Published at Monday, 15 April 2019. Worksheet. By Fantina Leroux.
I don’t think it’s a bad thing to teach kids to sit for a few minutes and complete a simple pencil-and-paper assignment. And for young kids, I mean it when I say “a few minutes.” Thirty minutes is not a few. Worksheets might be a useful assessment tool. If your child is doing a worksheet on a learned skill, you might see what he understands and what you need to revisit. In the early childhood community, however, some educators believe that worksheets are inappropriate for this age level and may not tell you what a student truly understands. My kids like them. Wait, doesn’t this contradict a point I made above? Not really. If my kids want to sit at the table while I’m making dinner and do a few worksheets, I don’t have a problem with that. It can be relaxing for them. It’s not a replacement for other learning because I wouldn’t be teaching right then anyway… and I don’t have the space or time to set up a big hands-on learning center while the stove is on, the baby is crying, and the toddler is hanging on my leg.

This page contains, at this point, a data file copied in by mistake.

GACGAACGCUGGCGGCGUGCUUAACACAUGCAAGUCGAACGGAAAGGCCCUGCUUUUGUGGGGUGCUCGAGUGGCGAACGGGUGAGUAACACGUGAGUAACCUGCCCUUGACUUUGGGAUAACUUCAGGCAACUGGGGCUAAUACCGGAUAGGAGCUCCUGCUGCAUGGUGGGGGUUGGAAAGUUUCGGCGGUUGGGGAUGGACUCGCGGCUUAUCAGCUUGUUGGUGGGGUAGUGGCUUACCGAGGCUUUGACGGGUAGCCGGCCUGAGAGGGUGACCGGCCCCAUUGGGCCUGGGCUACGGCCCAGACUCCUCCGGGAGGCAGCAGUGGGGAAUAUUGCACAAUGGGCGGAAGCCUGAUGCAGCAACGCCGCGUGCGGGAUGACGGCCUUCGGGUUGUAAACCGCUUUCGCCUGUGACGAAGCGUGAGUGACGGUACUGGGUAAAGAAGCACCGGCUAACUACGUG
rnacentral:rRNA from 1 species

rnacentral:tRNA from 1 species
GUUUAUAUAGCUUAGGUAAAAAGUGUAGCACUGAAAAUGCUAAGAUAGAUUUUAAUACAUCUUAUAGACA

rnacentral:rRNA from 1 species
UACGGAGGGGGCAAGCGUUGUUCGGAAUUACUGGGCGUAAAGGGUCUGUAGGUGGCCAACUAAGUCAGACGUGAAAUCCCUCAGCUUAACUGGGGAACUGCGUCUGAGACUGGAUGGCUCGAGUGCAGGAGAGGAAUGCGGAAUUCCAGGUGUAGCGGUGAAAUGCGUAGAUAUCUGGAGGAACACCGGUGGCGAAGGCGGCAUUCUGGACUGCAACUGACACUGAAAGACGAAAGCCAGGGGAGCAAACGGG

The foundations for our social relationships are laid in the early years (Kostelnik, Stein, Whiren, & Soderman, 1993). This is the time when we discover the roles we may play, the rules for getting along in society, the consequences for not following rules, and how to make friends. The only way to learn these concepts is to engage actively with others. When we do not allow children enough time to accomplish fundamental social tasks, we set the stage for social problems later on. Middle and high schools cope daily with antisocial behaviors that in some cases reach the point of violence. If we expect adolescents to know how to work and live with others, and solve problems peacefully, we would do well to begin the process when children are young.
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